The debate about whether administrators should ever be allowed the title "professor" seems to me a part of the wider debate about the academic/administrator divide ("Call to reserve professor title for academic posts", 28 May). There is on each side of this divide a great deal of resentment, much of it understandable. Many talented and dedicated administrators feel looked down upon by academics. On the other hand, academics get the feeling that administrators view administration as the real business of the university and academics as interchangeable factory-floor workers.
I have a modest proposal. We should stop treating university administration as an exclusive career path. In future, all administrative appointments (starting at the bottom) should be half administration and half teaching or research. If a full-time administrator is required, two could be appointed to job-share, and each could be half research or teaching fellow in a department they are qualified to join.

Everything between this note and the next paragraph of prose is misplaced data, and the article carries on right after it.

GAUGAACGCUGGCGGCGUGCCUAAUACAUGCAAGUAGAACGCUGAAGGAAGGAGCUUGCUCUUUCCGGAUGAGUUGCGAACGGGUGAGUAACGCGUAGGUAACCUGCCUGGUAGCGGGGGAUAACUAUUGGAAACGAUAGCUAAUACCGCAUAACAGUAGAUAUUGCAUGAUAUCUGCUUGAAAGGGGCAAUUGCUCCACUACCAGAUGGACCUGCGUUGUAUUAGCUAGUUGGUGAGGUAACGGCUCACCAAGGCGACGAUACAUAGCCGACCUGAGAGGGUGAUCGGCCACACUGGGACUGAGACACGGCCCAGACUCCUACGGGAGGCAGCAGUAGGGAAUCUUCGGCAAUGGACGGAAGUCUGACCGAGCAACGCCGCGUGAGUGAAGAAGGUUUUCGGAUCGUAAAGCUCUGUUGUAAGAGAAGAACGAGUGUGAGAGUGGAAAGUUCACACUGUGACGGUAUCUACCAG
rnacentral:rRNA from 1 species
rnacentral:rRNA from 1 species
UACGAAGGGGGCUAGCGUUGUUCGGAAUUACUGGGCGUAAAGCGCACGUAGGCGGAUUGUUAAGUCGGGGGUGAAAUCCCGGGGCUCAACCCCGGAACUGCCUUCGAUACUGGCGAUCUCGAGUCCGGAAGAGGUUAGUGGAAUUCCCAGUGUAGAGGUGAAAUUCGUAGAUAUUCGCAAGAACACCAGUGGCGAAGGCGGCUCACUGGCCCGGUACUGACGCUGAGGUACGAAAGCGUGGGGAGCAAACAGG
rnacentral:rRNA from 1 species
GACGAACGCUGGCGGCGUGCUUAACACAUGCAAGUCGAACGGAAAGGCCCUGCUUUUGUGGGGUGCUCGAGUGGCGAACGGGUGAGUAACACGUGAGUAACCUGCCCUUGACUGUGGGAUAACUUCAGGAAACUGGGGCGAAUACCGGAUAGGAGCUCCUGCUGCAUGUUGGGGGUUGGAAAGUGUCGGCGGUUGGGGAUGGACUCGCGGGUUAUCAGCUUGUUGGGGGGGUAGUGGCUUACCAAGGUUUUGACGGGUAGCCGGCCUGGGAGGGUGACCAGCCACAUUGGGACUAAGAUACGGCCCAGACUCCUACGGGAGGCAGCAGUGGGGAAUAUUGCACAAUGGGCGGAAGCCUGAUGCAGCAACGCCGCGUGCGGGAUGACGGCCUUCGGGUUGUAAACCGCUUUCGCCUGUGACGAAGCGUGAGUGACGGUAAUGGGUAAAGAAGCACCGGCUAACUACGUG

This way, administrators would never develop the detached mentality one often sees: that the "real" university is there to control all those unruly academics, a view that infamously resulted in administrators at the University of Birmingham identifying the whole academic staff as a key "threat" to the university.
Administrators would have a personal involvement in the frontline work of the university. Academics would see administrators as academic colleagues who also have a central administration role.
Much of the cost could be met through savings on sessional teaching fees and through communication between the administration and experts in the departments: how many administrators needing legal or financial advice ever save money by consulting academics in the departments of law or finance rather than going to expensive outside consultants who are often less expert?
And, in due course we would find that some administrators were professors, and no one would object.
Richard Austen-Baker, Lancaster University Law School.